Consider the case for contact management strategies in sales organizations. Generally, these strategies are built with a goal of ensuring that the salesforce keeps in regular touch with a client ‘X’ times per year or is built around some type of end goal such as:

At the end of 3 years we have a contract renewal, therefore at month 18 we must send out a letter, at month 20 we must meet with them and review this PPT, at month 24 we must have 1 executive meeting …. etc.

The problem being that if one were to step back and look at many of these processes, good sales teams are doing this as a matter of course and do not need the prompting. The only value that the process brings is another data point for central management to review, with questionable correlation to an improvement in sales.

This is in direct contrast to a sales basic, such as forecasting, which drives many productive outcomes such as resource allocation, executive focus to support good or struggling scenarios, inventory levels, etc. That being said, I can see how even forecasting can fall into this trap. I have read more than my fair share of articles on how large sales organizations dealt with the financial crisis (and experienced it). Many implemented draconian rigour such as world wide weekly or twice weekly forecasts with the following impacts:

    • The sales organization spent less time selling and more time working on recasting the same information that probably had not changed much. It reduced sales productivity.
    • Central management acquired an illusion of control by being busy, by feeling that they were closer to the minute by minute action. When the reality is that nothing changed. Most did not react faster, in fact they probably reacted slower as a reaction was even harder to do as they were too buried in the details to see big trends or too resource constrained due to the additional process load.

Therefore, I have decided on a new litmus test for policy and procedure approval/rejection which will center around a single question:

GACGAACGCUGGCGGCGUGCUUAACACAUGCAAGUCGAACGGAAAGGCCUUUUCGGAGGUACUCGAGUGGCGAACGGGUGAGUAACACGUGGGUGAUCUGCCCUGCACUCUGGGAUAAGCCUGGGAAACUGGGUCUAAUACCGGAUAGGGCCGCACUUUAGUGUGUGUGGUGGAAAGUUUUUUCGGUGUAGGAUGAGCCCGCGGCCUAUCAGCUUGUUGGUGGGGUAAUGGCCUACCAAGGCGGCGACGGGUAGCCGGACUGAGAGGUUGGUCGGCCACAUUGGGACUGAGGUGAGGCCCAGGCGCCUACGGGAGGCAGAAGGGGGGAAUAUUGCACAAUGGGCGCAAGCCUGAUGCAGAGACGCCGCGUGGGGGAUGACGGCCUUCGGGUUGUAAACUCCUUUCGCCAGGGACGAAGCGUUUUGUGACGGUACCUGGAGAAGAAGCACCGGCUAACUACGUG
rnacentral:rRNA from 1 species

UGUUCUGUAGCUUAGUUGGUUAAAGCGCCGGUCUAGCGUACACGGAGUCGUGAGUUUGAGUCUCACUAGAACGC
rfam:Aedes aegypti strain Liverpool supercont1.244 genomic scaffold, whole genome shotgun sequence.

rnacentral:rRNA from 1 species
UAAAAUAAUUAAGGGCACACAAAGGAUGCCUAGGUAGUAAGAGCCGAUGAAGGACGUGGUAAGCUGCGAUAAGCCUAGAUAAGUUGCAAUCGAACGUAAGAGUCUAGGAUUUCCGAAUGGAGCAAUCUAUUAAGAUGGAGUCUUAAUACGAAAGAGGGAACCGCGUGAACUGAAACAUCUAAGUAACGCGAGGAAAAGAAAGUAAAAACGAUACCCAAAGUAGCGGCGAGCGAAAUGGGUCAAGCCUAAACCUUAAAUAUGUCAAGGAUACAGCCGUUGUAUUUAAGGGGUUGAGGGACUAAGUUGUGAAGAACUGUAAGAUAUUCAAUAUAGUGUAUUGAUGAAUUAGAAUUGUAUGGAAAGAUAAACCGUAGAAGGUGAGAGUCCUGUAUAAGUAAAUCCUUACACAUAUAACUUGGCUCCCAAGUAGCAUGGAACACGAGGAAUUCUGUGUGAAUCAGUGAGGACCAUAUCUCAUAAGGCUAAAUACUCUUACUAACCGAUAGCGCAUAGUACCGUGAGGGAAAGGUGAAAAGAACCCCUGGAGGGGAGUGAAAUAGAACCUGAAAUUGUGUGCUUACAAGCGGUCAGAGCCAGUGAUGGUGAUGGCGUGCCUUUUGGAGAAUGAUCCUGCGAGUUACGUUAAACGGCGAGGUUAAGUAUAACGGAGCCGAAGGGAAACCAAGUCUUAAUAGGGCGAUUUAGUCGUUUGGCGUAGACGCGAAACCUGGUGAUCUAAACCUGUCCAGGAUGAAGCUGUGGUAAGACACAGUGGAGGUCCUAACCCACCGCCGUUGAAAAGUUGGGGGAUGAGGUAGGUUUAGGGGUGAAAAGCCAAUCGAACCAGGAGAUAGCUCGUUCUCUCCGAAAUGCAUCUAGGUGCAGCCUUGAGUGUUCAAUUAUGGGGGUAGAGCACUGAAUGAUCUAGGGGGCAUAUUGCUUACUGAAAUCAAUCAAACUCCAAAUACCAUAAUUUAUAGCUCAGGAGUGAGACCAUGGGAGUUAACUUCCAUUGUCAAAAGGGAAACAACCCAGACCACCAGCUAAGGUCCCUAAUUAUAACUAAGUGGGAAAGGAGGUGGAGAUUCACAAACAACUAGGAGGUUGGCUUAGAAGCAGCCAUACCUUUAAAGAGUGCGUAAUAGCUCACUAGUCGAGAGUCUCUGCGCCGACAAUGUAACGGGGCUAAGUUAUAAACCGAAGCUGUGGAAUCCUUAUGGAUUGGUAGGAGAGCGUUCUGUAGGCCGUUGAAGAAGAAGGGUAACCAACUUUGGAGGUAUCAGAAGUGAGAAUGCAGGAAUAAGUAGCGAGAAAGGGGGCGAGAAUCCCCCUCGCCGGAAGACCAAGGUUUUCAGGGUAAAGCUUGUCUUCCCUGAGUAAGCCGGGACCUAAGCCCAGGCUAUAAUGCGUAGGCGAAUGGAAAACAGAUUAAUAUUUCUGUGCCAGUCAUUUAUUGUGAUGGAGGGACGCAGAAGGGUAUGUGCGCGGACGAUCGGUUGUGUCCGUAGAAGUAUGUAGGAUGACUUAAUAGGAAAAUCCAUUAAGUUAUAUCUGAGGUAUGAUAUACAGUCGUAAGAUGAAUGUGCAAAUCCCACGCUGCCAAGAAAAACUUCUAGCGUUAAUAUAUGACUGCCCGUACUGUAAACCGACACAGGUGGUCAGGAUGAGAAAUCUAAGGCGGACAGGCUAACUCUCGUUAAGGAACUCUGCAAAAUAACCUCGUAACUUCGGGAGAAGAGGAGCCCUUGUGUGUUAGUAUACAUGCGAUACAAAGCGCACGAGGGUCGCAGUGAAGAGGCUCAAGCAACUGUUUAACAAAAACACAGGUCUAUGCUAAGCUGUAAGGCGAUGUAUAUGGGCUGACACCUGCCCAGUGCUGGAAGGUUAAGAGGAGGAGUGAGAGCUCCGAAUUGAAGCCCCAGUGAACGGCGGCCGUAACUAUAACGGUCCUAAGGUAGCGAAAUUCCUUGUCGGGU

• Is the policy/procedure designed to capture the ‘naughty’ 10% or does it raise total organizational performance?

If it is centered on the bottom 10%, then it needs to be rethought. It if raises total performance, then it is worth considering.



I bought my first trip from Flight Centre during the holidays – a short jaunt down to Atlantis. I have heard many good things about Flight Centre, and their growth is a good indicator that they are on the right path. When we were in England, it seemed like their shops were everywhere.

The service was fantastic and I thought this was a great follow-up touch. A thank-you (people who know me, know my opinion on that topic) and an opportunity to provide feedback via a survey.

Well done Flight Center.

From: []
Sent: January-04-11 4:01 PM

Subject: Thank You

Fight Centre

Thank you

Hello Michael,

I would like to thank you for trusting Flight Centre and especially myself with your trip. Thank you for the business and I look forward to working with you in the future to meet and exceed your travel needs. Please don’t hesitate to contact me with any questions regarding your trip or future travel.

Enjoy your trip and travel safe.
Lindsay Adler

We appreciate your feedback. Please click here to complete a short survey and be entered to win a $500 Flight Centre Gift Certificate.